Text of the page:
Window into Houston: Abinadi Meza: Air, Condition
A two-part installation at 110 Milam Street and Blaffer Art Museum in conjunction with the exhibition Buildering: Misbehaving the City.
Abinadi Meza’s Air, Condition is a sound and video installation constructed from the invisible but omnipresent transmissions swarming in Houston’s atmosphere. Composed of field recordings collected throughout the city, the sound captures the dynamic energy of signals and particles—both technological and ecological—which surround us and encompass the movement of business transactions, air pollution, traffic, street sounds, and other palpable evidence of an industrialized port city. Paired with a video looking towards the Houston sky, Air, Condition explores the uncontainable sources and receptors of this soundscape as political matter, for even the air is not neutral.
Meza’s sonic treatment includes not only recording and play-back but also surreptitious re-insertion into the city’s wavelengths. Navigating downtown Houston with a vehicle outfitted for clandestine radio transmission, Meza bombarded the airwaves with previously recorded sound. A video camera pointed at the sky “documented” this interruption of signals that affected anyone listening to a radio nearby. Instead of their favorite singer or newscaster, people would suddenly hear excerpts from Air, Condition without ever knowing what occurred. By capturing elements of the environment which we know of and experience but do not see, and broadcasting them out to unsuspecting listeners, Meza deployed a creative misuse of radio to activate shared public spaces and uncover Houston as an air-transforming and transmitting entity.
Air, Condition builds upon a previous work by Meza for the Maryland Institute College of Art in Baltimore, titled Ghost Station and borrows its title from German philosopher Peter Sloterdijk’s text Terror from the Air (2009), which posited that the twentieth-century began when governments manipulated the air for the purposes of war. Throughout Meza’s practice are the haunting phantasmic qualities of radio, which, when redeployed as aesthetic and political medium, can convey the social and atmospheric forces shaping American cities.
The commission exists at two sites. At 110 Milam Street as part of the exhibition series Window into Houston, video and sound components reinforce the work’s uncanny aspects, as the black and white aesthetics of the video offer both a sense of timelessness and surveillance. Installed in the historic former storefront in downtown Houston, the work brings the city’s sonic life to street level. At Blaffer Art Museum, Air, Condition takes the form of a sound installation resonating through vibrating glass and inscribed into the building’s architecturally distinctive front entrance to achieve a physical presence. Meza transforms both sites into evocative sound transmitters hailing one another from their respective locations in the city, underscoring what makes the air in Houston—charged, monetized, and conditioned.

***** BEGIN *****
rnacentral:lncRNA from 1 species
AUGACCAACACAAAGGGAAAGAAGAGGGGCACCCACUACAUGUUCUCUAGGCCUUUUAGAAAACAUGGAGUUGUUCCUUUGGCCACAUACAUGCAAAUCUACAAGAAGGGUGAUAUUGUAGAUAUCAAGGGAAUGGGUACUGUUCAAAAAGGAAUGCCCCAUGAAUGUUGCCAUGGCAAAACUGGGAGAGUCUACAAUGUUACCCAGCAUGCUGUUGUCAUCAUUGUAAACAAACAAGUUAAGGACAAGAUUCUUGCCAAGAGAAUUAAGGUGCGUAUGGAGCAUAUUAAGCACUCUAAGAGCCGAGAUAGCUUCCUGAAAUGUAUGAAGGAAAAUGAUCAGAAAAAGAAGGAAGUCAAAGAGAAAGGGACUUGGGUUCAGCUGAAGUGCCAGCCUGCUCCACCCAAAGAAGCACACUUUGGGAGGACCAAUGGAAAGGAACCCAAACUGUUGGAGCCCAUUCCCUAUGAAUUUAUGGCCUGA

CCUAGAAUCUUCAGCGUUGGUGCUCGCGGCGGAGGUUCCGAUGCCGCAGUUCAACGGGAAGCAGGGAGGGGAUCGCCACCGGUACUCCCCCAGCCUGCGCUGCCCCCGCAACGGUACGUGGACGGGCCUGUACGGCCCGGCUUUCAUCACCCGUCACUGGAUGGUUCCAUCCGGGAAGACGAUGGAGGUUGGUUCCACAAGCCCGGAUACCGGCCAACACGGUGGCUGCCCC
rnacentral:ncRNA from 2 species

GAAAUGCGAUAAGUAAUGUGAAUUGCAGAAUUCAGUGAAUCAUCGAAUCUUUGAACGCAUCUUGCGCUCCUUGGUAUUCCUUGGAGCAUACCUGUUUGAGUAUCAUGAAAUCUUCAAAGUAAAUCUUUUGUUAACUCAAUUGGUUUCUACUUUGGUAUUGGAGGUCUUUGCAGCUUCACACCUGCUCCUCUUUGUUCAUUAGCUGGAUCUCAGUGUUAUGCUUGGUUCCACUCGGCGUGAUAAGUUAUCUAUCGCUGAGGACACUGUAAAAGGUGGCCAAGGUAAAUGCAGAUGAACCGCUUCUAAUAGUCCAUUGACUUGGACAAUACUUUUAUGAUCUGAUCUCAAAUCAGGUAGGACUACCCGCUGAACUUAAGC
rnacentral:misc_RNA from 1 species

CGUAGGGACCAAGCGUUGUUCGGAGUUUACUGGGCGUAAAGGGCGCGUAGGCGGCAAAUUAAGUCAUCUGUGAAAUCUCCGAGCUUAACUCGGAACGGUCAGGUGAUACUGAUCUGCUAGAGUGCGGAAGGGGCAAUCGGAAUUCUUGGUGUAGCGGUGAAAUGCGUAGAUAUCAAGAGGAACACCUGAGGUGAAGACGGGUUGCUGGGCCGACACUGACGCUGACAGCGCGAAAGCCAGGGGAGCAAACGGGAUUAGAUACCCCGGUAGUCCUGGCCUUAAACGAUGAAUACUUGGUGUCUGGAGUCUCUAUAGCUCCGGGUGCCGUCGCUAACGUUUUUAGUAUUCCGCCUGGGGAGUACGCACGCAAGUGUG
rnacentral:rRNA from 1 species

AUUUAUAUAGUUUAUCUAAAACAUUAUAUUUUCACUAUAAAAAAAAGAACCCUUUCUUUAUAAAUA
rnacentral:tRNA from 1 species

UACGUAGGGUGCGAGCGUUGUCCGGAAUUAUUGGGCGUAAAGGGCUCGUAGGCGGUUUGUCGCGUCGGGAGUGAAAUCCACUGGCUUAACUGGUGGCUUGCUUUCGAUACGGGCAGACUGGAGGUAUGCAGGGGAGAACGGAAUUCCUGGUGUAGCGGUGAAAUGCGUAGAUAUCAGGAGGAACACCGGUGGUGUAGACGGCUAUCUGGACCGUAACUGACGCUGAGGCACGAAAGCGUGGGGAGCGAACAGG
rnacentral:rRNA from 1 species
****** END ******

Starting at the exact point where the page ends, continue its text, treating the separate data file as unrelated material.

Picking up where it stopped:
Abinadi Meza is a sound artist and filmmaker based in Houston, where he is Assistant Professor of Interdisciplinary Practice and Emerging Forms in the University of Houston’s School of Art. His work has been exhibited at numerous international venues and film festivals, including the Minneapolis Institute of Arts, the Walker Art Center, the Irish Museum of Modern Art, the Sonorities Festival in Belfast, the Maryland Institute College of Art, the Third Lisbon Architecture Triennial, the Deep Wireless Festival of Radio and Transmission Art in Toronto, the Texas Biennial in San Antonio, and Aurora Picture Show and Hermann Park in Houston. He has forthcoming exhibitions at the Museum of Contemporary Art, Santa Barbara and Fondazione Memmo, Rome. Most recently, he is a recipient of the 2014-2015 Rome Prize in Visual Arts from the American Academy in Rome. He received an MFA from the University of Minnesota and a Masters of Architecture from the Southern California Institute of Architecture (SCI-Arc).
Window into Houston is made possible with generous support from Jim Petersen, Jr. Launched in 2011, Window into Houston is a series of site-specific exhibitions commissioned by Blaffer Art Museum. Located in downtown Houston and viewed from the street and sidewalk, Window into Houston highlights the most recent developments in Houston’s artistic landscape and reaches out to a broad and diverse audience to engage them in a dialogue about contemporary art made in Houston.
Buildering: Misbehaving the City is an international group exhibition organized by Steven Matijcio for the Contemporary Arts Center (CAC) Cincinnati exploring artists’ unsanctioned uses of architecture. Buildering is on view at Blaffer Art Museum from September 21 – December 6, 2014.
*Free street parking after 6 pm; paid parking available in lot across the street